Mank (2020) Movie Review

Director: David Fincher

Writer: Jack Fincher (Screenplay)

Starring: Gary Oldman, Amanda Seyfried, Lily Collins, Tom Pelphrey, Arliss Howard, Tuppence Middleton, Charles Dance

Plot: Follows screenwriter Herman J. Mankiewicz‘s tumultuous development of Orson Welles‘ iconic masterpiece Citizen Kane (1941).

Runtime: 2 Hours 11 Minutes

There may be spoilers in the rest of the review

Story: Mank starts as we meet Herman Mankiewicz (Oldman) a renowned screenwriter in the golden era of Hollywood and after an accident he is bedbound working on his latest screenplay for Orson Welles, Citizen Kane, where Rita Alexander (Collins) transcripts his writing. We flashback to earlier in Herman’s career, seeing how his relationship with Louis B Mayer (Howard) will always put his career in rollercoaster, while William Randolph Hearst (Dance) loves having Mank around, with his daughter Marion Davies (Seyfried) showing us the difficulties of being in the Hollywood spotlight.

Thoughts on Mank

Characters – Herman Mankiewicz is one of the most popular screenwriters in Hollywood, his work has given him a reputation of being one of the best, but his drinking also making him the entertainment at a party and the fact he won’t just follow the secret rules of Hollywood, will see him pushed out of the spotlight. We follow two main times of his career, writing Citizen Kane and his career ups and downfall in a system that shows the political side of movie making. He does steal every scene in the movie, where he will always want to be the centre of the attention. Marion Davies is the star of the movies at the time who becomes friends with Herman, along with her father, she is someone who always wanting to see Herman and what he will do next. Rita Alexander is hired to help Mank finish of the screenplay for Citizen Kane, her husband is away in the military, she will need to learn with Mank’s turns when it comes to his drinking. Louis B Mayer is the studio head that knows the talent of Herman, but is getting tired of his behaviour, his power in the industry could cause more problems for Mank’s future in the industry. We meet many people who are in Mank’s life, his long suffering wife, his brother, fellow writers, the biggest player in the business, Orson Welles himself clashing with him, plenty of the characters from the industry.

PerformancesGary Oldman is brilliant in this film, he dominates the screen every single scene he has through the film, it is hard to go against anyone who doesn’t think he will be on the shortlist for best actor this year. The supporting cast are amazing too, never looking out of place, with wonderful moments from everyone through the film.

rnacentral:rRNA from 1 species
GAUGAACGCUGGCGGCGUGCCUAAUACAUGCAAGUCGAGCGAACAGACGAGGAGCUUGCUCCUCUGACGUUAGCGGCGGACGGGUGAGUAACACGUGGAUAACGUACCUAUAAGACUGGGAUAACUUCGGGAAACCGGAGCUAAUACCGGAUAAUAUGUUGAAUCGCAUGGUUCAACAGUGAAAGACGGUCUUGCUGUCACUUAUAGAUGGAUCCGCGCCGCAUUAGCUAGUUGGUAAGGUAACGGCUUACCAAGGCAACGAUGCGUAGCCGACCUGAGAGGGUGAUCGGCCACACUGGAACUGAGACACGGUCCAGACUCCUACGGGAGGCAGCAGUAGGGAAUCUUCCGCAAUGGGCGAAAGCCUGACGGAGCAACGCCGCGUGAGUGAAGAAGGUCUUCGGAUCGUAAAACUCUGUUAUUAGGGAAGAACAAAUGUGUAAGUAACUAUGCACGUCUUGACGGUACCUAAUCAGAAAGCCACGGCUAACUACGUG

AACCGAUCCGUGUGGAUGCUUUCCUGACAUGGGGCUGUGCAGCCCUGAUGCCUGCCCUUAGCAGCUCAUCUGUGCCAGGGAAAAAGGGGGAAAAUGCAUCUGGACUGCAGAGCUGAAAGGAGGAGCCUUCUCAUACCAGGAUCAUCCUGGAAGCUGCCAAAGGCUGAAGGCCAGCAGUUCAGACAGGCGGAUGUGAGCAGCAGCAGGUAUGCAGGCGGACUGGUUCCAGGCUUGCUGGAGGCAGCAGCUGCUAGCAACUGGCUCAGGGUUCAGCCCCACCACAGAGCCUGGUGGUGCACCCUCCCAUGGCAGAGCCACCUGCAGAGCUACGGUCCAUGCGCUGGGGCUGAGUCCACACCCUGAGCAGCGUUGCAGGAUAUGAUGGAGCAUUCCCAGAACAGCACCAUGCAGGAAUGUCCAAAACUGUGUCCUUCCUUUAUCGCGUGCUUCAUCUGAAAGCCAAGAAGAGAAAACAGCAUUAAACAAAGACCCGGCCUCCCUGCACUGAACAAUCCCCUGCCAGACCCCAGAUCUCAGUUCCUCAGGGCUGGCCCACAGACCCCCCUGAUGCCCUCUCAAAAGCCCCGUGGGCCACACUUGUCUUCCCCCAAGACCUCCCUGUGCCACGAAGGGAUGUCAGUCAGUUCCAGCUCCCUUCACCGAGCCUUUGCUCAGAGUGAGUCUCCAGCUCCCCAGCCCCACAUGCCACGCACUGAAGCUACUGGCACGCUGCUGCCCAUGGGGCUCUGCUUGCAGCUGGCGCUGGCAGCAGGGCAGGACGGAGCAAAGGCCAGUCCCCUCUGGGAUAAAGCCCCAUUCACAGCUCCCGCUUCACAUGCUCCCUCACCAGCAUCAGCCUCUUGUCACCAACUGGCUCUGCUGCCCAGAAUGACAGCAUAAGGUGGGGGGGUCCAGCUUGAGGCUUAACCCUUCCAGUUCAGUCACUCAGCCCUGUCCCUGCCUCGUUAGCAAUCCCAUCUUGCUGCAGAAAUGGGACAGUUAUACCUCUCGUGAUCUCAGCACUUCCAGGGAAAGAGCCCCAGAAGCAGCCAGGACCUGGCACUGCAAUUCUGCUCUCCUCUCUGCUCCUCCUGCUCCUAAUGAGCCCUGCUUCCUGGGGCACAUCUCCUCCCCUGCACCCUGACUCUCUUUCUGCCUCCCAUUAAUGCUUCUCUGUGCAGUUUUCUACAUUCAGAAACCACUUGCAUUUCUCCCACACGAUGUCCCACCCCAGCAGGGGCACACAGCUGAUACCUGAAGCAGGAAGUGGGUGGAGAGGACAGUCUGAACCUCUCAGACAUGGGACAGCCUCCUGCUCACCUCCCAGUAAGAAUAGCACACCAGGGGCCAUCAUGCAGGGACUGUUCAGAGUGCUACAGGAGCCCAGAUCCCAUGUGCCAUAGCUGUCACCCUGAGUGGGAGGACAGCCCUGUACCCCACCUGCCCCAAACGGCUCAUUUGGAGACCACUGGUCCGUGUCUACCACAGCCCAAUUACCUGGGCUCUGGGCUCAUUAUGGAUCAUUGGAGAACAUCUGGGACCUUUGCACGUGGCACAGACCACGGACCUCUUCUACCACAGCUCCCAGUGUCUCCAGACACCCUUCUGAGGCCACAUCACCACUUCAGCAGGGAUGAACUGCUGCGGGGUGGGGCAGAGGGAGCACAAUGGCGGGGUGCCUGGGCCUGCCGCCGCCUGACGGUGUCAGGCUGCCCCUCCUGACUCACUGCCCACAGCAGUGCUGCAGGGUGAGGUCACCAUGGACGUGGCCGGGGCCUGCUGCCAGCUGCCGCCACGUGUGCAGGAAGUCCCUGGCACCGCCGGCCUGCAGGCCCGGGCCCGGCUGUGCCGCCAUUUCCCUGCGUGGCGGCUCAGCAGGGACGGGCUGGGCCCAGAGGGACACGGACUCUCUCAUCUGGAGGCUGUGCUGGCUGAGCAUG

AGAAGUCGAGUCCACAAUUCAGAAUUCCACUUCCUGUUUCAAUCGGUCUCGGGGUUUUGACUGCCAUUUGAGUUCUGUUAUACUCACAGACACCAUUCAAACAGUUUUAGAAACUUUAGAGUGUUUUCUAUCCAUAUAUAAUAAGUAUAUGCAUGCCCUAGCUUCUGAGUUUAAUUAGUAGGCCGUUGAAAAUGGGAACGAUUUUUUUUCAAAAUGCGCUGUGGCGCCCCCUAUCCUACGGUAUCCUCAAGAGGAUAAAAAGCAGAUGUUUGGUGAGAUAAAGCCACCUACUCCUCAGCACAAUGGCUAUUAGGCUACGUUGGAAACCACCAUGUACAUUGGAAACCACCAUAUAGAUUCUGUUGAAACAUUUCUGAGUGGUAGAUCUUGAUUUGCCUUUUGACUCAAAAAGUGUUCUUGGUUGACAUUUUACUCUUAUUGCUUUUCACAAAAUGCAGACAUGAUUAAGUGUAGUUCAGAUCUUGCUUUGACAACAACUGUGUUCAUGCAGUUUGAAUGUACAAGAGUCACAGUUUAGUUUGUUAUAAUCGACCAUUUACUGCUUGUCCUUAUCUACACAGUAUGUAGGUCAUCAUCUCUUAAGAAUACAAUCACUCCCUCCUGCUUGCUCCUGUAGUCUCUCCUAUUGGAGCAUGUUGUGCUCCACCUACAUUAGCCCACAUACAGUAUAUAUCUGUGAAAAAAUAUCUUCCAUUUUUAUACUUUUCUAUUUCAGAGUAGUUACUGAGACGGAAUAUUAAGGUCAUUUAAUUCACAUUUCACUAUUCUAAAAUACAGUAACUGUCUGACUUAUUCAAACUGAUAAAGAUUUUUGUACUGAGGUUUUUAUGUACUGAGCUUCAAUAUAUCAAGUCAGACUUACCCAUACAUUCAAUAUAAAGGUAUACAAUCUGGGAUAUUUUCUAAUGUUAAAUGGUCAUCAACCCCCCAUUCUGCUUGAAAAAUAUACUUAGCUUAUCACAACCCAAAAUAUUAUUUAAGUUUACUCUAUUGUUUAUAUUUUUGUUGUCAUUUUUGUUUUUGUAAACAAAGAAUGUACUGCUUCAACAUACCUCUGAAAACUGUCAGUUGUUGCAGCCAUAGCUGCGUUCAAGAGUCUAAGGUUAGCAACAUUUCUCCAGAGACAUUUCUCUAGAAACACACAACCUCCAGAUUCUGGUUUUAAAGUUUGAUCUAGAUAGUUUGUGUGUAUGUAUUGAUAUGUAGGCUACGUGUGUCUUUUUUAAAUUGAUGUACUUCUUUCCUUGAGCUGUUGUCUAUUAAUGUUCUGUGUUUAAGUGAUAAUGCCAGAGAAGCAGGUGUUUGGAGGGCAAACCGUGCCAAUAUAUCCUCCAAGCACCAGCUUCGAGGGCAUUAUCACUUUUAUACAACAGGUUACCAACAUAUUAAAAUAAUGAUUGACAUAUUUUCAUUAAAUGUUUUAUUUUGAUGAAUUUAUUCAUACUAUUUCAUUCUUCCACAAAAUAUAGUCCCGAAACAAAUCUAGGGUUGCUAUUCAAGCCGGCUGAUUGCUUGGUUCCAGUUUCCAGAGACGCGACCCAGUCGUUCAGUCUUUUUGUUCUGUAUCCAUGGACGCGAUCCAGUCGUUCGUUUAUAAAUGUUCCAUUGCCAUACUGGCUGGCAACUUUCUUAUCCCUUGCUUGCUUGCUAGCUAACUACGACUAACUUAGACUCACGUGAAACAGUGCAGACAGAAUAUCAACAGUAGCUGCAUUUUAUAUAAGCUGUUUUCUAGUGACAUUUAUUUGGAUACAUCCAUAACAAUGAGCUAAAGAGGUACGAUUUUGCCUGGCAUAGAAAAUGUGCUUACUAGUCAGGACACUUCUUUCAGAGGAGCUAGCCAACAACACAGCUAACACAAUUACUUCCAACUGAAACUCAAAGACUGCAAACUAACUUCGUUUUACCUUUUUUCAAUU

StoryThe story here follows the rise of Herman Mankiewicz in the golden age of Hollywood, played along side the latest writing which has seen him put on the outside of the industry where he is placed after not following the system. This story is told in a way that truly feels like we are in the 1930s era of Hollywood, with the way that everything is told, the split timeline even makes a point to tell us we are entering a flashback and even the sound feels like an older movie. It shows us just how political the Hollywood system was in the 1930s too, where he literally had to follow suit or you would have been pushed out, with this showing us how Mank was given more chances than others too.

Biopic/ComedyThe biopic side of the film does show two main parts of Mank’s life, two that do come hand in hand showing the different moments that created the most important screenplay of his career, with the comedy in the film coming from how Mank treats each day, never being quite in control of the situations.

SettingsThe film does an amazing job to recreate 1930s Hollywood where nothing looks out of place, with each location around the grounds looking like we are experiencing the journey.


Scene of the Movie – The tour of the grounds.

That Moment That Annoyed Me – Nothing.

Final Thoughts Mank is a brilliantly acted movie that pays respect to the 1930s era in style and storytelling.



Leave a Reply

Fill in your details below or click an icon to log in:

WordPress.com Logo

You are commenting using your WordPress.com account. Log Out /  Change )

Google photo

You are commenting using your Google account. Log Out /  Change )

Twitter picture

You are commenting using your Twitter account. Log Out /  Change )

Facebook photo

You are commenting using your Facebook account. Log Out /  Change )

Connecting to %s

This site uses Akismet to reduce spam. Learn how your comment data is processed.